Who should be responsible for paying for job-related training is a question that doesn’t have an easy answer. While employers and employees will usually point to the other party, who picks up the tab depends a lot on the circumstances.
THE CRUX OF THE ISSUE
Is it an employer’s responsibility to pay? Many people would say yes, especially if it’s directly job-related. In some cases, employers will be mandated by the law to pay for certain types of programs their employees participate in. But in other cases, whether or not the course is directly job-related becomes an issue, or it may be that the employee decides to participate in job-related training—but on their own time. Who pays if an employee takes an evening course on their own time to learn a new skill that helps them in the office?
WHEN THE EMPLOYER SHOULD PAY
Some legislation, such as human rights codes, mandates that employers must pay employees for particular kinds of training. If you have a new hire, then you are responsible for wages for the time they spend going over HR codes of conducts. If a course is mandatory for employees to retain credentials or licenses, or if it is required by the employer, then you’ll be expected to pay for the employees’ participation. Employers may also opt to send employees to complete courses in First Aid or CPR, although these skills don’t directly relate to the job.
The essential rule of thumb to follow here is that if the program is not voluntary—that is, if employees are obligated to go—then the employer should pick up the tab.
WHEN THE EMPLOYEE SHOULD PAY
If employers pay when courses and programs are directly related to an employee’s job or regulated by law, then it follows that employees are going to pay when the training is not relevant to their job or regulated by law. Employees that want to pursue personal interests will have to do so on their own dime—and, often, their own time. Even when a course is directly related to someone’s job, the employer can opt not to pay for it if the classes are outside of work hours, such as in the evening or on weekends, and if it would be considered voluntary.
If the employee can choose to attend the training or not, then it follows that the employee should be paying for the pursuit.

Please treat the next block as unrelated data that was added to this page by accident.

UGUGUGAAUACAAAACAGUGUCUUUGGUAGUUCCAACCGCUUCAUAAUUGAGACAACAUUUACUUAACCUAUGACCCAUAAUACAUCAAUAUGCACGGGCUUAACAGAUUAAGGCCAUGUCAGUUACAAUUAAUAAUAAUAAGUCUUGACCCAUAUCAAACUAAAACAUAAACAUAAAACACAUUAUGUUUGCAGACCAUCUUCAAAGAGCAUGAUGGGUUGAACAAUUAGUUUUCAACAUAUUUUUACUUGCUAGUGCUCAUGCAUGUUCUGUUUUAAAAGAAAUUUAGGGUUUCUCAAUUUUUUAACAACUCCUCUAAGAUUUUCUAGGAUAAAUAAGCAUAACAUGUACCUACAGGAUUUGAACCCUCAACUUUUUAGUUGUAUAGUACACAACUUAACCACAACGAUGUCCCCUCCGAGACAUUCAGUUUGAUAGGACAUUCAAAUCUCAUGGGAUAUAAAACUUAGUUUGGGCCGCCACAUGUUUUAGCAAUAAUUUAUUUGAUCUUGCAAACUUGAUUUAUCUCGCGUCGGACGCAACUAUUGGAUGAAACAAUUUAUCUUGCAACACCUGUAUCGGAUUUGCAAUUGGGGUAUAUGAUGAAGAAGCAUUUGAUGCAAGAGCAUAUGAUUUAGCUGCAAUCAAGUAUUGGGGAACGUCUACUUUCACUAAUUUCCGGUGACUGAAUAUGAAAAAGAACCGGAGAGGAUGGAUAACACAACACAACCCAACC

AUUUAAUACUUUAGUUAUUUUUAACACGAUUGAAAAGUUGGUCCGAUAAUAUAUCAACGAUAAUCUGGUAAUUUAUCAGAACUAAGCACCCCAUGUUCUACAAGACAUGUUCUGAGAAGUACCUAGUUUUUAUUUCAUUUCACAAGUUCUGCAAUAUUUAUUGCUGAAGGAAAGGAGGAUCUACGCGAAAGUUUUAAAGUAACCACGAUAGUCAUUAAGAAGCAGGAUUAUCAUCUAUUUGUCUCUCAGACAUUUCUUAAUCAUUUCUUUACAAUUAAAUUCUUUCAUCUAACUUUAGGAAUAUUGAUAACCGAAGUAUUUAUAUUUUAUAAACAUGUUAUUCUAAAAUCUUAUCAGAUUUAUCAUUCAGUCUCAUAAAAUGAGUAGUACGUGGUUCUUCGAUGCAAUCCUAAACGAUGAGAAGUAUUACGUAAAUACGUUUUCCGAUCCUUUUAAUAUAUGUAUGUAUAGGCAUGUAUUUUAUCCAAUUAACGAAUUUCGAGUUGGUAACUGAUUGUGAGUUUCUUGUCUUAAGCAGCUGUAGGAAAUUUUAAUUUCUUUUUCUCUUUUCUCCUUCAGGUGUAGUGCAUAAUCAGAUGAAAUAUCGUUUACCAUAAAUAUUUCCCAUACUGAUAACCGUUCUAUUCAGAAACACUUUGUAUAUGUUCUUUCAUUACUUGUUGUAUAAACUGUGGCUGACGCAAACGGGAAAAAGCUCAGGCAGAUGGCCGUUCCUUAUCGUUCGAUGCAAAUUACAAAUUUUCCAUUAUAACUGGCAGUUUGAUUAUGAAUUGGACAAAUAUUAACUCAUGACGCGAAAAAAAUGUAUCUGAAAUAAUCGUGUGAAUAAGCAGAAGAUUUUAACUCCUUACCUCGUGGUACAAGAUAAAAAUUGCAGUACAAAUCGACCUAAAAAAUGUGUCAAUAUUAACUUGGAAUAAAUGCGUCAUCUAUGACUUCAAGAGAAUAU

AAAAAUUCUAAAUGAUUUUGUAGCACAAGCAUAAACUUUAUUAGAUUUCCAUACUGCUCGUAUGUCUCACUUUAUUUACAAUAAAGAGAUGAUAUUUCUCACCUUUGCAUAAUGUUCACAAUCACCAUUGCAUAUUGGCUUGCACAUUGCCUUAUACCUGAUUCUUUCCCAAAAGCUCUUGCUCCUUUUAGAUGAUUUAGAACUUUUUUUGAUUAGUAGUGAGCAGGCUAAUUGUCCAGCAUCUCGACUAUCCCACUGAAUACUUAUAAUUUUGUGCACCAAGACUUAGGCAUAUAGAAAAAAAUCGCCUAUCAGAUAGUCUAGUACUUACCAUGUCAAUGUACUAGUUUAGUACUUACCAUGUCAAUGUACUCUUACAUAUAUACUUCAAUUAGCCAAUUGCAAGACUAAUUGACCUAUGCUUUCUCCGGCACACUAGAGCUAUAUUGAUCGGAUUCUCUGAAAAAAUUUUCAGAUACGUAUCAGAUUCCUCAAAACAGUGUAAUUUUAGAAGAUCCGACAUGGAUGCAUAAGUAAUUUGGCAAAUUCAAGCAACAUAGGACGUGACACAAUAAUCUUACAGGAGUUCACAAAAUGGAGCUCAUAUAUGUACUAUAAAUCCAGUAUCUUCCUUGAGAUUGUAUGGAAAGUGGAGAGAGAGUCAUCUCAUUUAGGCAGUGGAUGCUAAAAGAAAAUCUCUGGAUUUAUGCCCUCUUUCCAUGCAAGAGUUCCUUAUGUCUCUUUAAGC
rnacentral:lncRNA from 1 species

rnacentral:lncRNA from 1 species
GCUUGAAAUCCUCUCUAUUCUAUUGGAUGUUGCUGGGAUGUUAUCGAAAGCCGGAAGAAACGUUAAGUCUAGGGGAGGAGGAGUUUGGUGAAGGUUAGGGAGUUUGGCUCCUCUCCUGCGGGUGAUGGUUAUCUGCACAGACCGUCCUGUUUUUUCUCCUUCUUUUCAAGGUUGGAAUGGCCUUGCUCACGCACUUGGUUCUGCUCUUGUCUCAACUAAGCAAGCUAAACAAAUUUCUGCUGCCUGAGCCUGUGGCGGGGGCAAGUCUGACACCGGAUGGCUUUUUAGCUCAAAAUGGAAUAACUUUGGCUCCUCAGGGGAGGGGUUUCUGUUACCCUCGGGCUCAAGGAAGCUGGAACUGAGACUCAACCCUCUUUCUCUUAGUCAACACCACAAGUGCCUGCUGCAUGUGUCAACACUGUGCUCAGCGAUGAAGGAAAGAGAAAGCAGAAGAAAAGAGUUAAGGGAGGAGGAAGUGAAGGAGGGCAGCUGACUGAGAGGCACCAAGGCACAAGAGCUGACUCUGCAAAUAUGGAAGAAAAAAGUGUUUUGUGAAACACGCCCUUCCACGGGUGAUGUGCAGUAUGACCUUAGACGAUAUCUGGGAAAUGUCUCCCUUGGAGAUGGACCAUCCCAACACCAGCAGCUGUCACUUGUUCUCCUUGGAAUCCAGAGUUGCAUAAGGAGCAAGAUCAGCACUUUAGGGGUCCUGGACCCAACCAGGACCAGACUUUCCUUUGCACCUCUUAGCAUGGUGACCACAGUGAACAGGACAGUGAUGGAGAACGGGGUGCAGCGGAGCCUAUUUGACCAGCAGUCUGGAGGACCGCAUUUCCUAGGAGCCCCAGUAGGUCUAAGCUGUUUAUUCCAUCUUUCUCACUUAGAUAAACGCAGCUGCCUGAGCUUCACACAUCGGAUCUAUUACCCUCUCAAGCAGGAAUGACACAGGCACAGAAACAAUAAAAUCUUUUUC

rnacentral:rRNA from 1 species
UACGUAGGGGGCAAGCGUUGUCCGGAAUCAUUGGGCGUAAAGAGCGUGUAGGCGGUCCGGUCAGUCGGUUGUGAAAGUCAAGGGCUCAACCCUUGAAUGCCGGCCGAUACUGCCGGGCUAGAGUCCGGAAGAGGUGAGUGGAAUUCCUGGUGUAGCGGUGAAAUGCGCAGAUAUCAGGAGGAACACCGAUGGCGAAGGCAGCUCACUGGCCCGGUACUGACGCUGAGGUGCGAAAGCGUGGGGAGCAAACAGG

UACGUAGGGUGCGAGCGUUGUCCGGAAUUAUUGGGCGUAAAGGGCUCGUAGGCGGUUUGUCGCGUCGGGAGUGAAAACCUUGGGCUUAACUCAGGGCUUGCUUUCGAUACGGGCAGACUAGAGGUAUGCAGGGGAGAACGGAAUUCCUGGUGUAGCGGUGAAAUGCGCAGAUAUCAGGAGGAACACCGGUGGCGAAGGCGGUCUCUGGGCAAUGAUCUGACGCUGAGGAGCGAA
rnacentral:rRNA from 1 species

WHEN THINGS GET MURKY
Of course, things aren’t always clear-cut, and there will be situations where it seems appropriate for either the employer or the employee to pay. Take, for example, voluntary programs that an employer offers, but the employees feel that if they don’t participate, they’ll be passed over for promotions, raises, or other recognition. In that case, even though the program is billed as voluntary, it is mandatory—and the employer should pay.
In other cases, employers may opt to pay for training that isn’t necessarily job-related or that is completed on the employee’s own time. The context of the situation is very important when deciding who will foot the bill in these cases. If the employer feels that a course is job-related and could improve the employee’s job prospects, then they may opt to pay for night school, for example.
BENEFITS AND CO-PAYMENTS
While some training—such as legislated human rights programs—must be paid for by the employer, other types may be covered by an employee’s benefits. In some cases, an employer may have a co-pay plan in place, where the employer and employee will share the cost of participation.
Felicia is the manager of human capital solutions at AugmentHR. With over six years of recruitment experience coupled with multi-faceted HR roles, Felicia is an expert in matching people with the right role and environment. She has worked in many different industries, including investment banking, HR consulting firms, medical, and commercial. Understanding people is one of her strengths, and she has recruited at every level, from directors, project managers, and engineers to operators and general labourers. Her ability to network and develop relationships has been a key tool to her success. With approximately two years of experience managing people and creating a positive work environment, Felicia’s diverse skill set makes her a well-rounded individual. Her business education and background help her identify different business needs and human capital solutions.